Haystacks and Buttermere

Map for walk up HaystacksThis is a particularly beautiful walk that combines a walk around the lake at Buttermere with an ascent of Hay Stacks, famously Wainwright's favourite mountain. The walk begins and ends in the village of Buttermere, follows the southern shore of the lake before climbing the mountain and then returns along the northern bank, giving us spectacular views back to Haystacks.

Haystacks itself may not be the highest of Lakeland peaks, but its location makes it a perfect viewpoint. It provides particularly good views of Pillar and Great Gable. The summit itself is one of the most interesting in the Lakes, with a scattering of tarns, most famously Innominate Tarn.

Ascent: 2,350ft
Length: 8.7 miles
Map: Explorer 004 English Lakes North West
Last Walked: 12 August 2005

For the purposes of this walk, we start from the National Trust car park just west of the village of Buttermere.

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From the National Trust car park head downhill into Buttermere (turn right out of the car park). At the bottom of the hill, cross over Mill Beck and then take the first right turn.

This side road soon splits around a large building. The right hand branch heads into the National Park car park, while the left hand branch heads down to the lake, so take the left hand branch.

Just outside the village the track turns sharply to the left. After a short distance it then turns back to the right and splits into two - take the left hand branch here and follow the path to the edge of Buttermere.

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At the lake shore turn right, heading towards Buttermere Dubs, the stream that links Buttermere and Crummock Water. Cross this stream on the well built bridge, and then follow the obvious path as it turns gently to the left (at this point you may wish to take a quick diversion to look at Sourmilk Gill which reaches the lakeshore here).

A number of different paths run through the woods on the southern shore of Buttermere. The clearest, and best, runs close to the lake shore. Take this path and follow it

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ButtermereJust before we reach the south east corner of the lake, a side path leaves the lakeside path and begins to climb steadily up to the right. Take this path and follow it for the next mile as it climbs up to Scarth Gap, the pass between Buttermere and Ennerdale. This is a popular path and is clear all the way to the top of the pass, which it reaches without any major changes in direction.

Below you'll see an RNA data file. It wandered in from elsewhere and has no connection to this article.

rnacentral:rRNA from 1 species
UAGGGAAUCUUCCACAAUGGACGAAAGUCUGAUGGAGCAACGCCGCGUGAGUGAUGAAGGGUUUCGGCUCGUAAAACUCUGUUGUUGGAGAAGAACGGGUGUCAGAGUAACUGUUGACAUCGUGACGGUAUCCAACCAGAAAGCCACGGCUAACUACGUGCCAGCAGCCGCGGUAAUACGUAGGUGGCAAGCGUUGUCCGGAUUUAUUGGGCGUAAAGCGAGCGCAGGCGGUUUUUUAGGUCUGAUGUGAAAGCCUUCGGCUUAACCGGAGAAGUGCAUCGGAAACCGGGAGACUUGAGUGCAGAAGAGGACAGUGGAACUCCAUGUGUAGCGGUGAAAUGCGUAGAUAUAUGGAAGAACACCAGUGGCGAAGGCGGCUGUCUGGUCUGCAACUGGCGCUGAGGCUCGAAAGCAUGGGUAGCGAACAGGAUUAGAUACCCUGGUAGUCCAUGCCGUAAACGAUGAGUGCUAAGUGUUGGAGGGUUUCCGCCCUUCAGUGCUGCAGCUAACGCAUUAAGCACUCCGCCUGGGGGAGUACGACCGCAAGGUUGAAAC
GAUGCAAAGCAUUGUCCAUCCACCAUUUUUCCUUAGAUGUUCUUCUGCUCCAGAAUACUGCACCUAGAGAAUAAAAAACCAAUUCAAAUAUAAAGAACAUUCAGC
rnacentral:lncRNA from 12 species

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The summit of HaystacksAt the top of the path turn left and follow the path that climbs up the western end of Hay Stacks. After a short distance this turns into a bit of a scramble, but the correct way up is rarely in any doubt.

Innominate TarnThe scramble ends at the highest point on the summit of Hay Stacks, at the western end of the long summit plateau. An obvious path heads across the top of the mountain, visiting Innominate Tarn before dropping down to Blackbeck Tarn, but it is well worth exploring this delightful summit, a miniature mountain landscape in its own right. A diversion to the southern side of the plateau gives spectacular views into Ennerdale, across to Pillar and up the valley to Great Gable.

Great Gable from HaystacksPillar from Haystacks

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The route off Haystacks to the east is rather clearer on the ground than on the map. Follow the main path that runs across the summit plateau, past Blackbeck Tarn and towards Warnscale Beck (just past Blackbeck Tarn the path climbs up a narrow staircase, then splits, but these paths soon come back together).

Paths run down both sides of the beck. We want the path on the far side of the beck, which curves around Warnscale Bottom giving great views back towards Hay Stacks. The path from Blackbeck Tarn runs straight for about a quarter of a mile, then curves to the left, before splitting in two. The left hand path runs down a slight ravine while the right hand path climbs up slightly onto Little Round How. Take the right hand path and continue across the top of the how and on to Warnscale Beck

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Buttermere ValleyHaving crossed the beck, turn left and take the path that runs along the northern side of the beck. This path follows the beck for just under half a mile, before swinging dramatically to the right to curve around the lower slopes of Fleetwith Pike before eventually descending into Warnscale Bottom (where it meets up with the alternative route on the south side of the beck). Continue to follow the path as it curves gently around to the right following the eastern edge of the flat valley bottom, before reaching the road at Gatesgarth.
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Haystacks across ButtermereTurn left onto the valley road, heading back towards Buttermere. When the road reaches the lake shore look out for a permissive footpath that hugs the lake shore and follow this delightful path as it runs along the northern shore of the lake.
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At the western end of the lake we have two choices. I prefer to take the permissive path that follows the lake shore back to the point where we first reached it early in the walk and then retrace my steps back into Buttermere, but it is also possible to follow the right of way that leaves the lake shore here and winds its way across the fields back into Buttermere.

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